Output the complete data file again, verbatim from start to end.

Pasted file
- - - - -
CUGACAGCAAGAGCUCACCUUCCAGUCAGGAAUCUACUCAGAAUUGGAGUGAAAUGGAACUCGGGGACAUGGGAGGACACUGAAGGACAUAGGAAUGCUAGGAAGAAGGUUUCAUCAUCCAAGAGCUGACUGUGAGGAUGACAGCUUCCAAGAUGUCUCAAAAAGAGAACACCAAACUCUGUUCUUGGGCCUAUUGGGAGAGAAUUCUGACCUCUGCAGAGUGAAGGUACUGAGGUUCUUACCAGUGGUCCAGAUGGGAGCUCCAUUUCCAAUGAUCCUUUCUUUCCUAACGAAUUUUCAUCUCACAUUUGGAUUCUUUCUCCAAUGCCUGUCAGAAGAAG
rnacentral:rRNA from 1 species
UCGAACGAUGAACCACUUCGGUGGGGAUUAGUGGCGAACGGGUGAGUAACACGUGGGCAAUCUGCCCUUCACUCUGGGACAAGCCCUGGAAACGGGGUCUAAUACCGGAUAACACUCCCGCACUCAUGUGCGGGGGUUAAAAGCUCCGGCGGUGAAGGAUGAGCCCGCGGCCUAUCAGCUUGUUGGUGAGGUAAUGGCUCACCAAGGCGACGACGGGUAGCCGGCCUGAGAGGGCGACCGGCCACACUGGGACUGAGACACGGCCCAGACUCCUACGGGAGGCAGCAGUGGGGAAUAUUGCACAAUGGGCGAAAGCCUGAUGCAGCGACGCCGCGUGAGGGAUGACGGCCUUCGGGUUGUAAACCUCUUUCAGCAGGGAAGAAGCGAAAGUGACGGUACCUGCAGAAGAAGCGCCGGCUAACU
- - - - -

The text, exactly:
CUGACAGCAAGAGCUCACCUUCCAGUCAGGAAUCUACUCAGAAUUGGAGUGAAAUGGAACUCGGGGACAUGGGAGGACACUGAAGGACAUAGGAAUGCUAGGAAGAAGGUUUCAUCAUCCAAGAGCUGACUGUGAGGAUGACAGCUUCCAAGAUGUCUCAAAAAGAGAACACCAAACUCUGUUCUUGGGCCUAUUGGGAGAGAAUUCUGACCUCUGCAGAGUGAAGGUACUGAGGUUCUUACCAGUGGUCCAGAUGGGAGCUCCAUUUCCAAUGAUCCUUUCUUUCCUAACGAAUUUUCAUCUCACAUUUGGAUUCUUUCUCCAAUGCCUGUCAGAAGAAG
rnacentral:rRNA from 1 species
UCGAACGAUGAACCACUUCGGUGGGGAUUAGUGGCGAACGGGUGAGUAACACGUGGGCAAUCUGCCCUUCACUCUGGGACAAGCCCUGGAAACGGGGUCUAAUACCGGAUAACACUCCCGCACUCAUGUGCGGGGGUUAAAAGCUCCGGCGGUGAAGGAUGAGCCCGCGGCCUAUCAGCUUGUUGGUGAGGUAAUGGCUCACCAAGGCGACGACGGGUAGCCGGCCUGAGAGGGCGACCGGCCACACUGGGACUGAGACACGGCCCAGACUCCUACGGGAGGCAGCAGUGGGGAAUAUUGCACAAUGGGCGAAAGCCUGAUGCAGCGACGCCGCGUGAGGGAUGACGGCCUUCGGGUUGUAAACCUCUUUCAGCAGGGAAGAAGCGAAAGUGACGGUACCUGCAGAAGAAGCGCCGGCUAACU